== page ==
Where Is The Best Place To Put A Propane Grill In My Garage?
As a grilling enthusiast who stores my propane grill in the garage during winter, I’ve learned the ideal placement to keep it safe yet easily accessible.
The best location is along the back or side wall of the garage. Choose a spot at least 18 inches from any wall or material.
This prevents heat damage when grilling. Avoid placing it under cabinets or shelves, as heat and smoke can discolor or damage items above.
It’s also best to keep the grill close to the main garage door opening, as this area is often drafty and may draw smoke into the house.
Instead, position it in a stable area away from high-traffic zones where it’s unlikely to be bumped or moved around frequently.
Of course, keep it far away from flammable liquids, vapors or materials as an extra precaution.
Lastly, ensure adequate ventilation and that the location allows the grill lid to open fully without obstruction.
Proper placement in the garage allows you to conveniently grill delicious food rain or shine while safely storing your propane grill when not in use.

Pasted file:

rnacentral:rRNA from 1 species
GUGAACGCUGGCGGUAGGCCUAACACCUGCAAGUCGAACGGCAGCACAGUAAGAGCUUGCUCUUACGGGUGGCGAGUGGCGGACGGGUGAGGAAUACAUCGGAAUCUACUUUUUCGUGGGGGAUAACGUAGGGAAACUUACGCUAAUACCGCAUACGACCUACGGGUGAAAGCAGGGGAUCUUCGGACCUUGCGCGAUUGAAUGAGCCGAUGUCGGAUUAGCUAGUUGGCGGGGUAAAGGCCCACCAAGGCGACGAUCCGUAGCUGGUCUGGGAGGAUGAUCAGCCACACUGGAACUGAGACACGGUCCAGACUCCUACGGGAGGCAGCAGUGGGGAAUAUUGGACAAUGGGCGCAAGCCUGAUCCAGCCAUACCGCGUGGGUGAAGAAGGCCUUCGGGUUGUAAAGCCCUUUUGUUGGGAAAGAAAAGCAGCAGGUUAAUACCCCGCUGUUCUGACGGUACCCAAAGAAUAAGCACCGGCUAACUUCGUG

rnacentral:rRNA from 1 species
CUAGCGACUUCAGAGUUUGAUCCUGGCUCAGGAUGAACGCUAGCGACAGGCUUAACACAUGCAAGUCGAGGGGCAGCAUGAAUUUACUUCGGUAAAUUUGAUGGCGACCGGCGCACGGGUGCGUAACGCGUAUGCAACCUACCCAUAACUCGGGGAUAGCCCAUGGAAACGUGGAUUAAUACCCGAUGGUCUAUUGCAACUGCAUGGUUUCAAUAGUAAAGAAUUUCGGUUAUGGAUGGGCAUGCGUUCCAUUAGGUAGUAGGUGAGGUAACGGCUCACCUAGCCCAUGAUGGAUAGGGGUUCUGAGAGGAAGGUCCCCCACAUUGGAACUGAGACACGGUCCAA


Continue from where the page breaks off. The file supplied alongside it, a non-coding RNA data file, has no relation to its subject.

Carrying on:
Best Safety Practices For Grilling In The Garage
Grilling in the garage offers shelter from the weather but also comes with safety considerations. Here are the top tips I’ve learned to grill safely in a garage:
- Ensure proper ventilation – Open the garage and side doors to provide airflow. Use fans to exhaust smoke.
- Clear area around the grill – Remove vehicles, chemicals, flammables and debris from around the grill. Leave 3-feet clearance.
- Check for leaks – Spray leak detector solution on propane tank valves/connections and check for bubbles before use.
- Position away from house – Place the grill near the front of the garage opening, not under interior walls.
- Use heavy-duty extension cord – If using an electric grill, plug it into a properly rated outdoor extension cord. Avoid tripping hazards.
- Keep children and pets away – Supervise children and restrict pets from being near the active grill.
- Place the grill on a hard, flat surface – For stability and to protect against grease stains. Use a mat underneath.
- Check hoses – Ensure propane hoses are not crimped, cracked or frayed.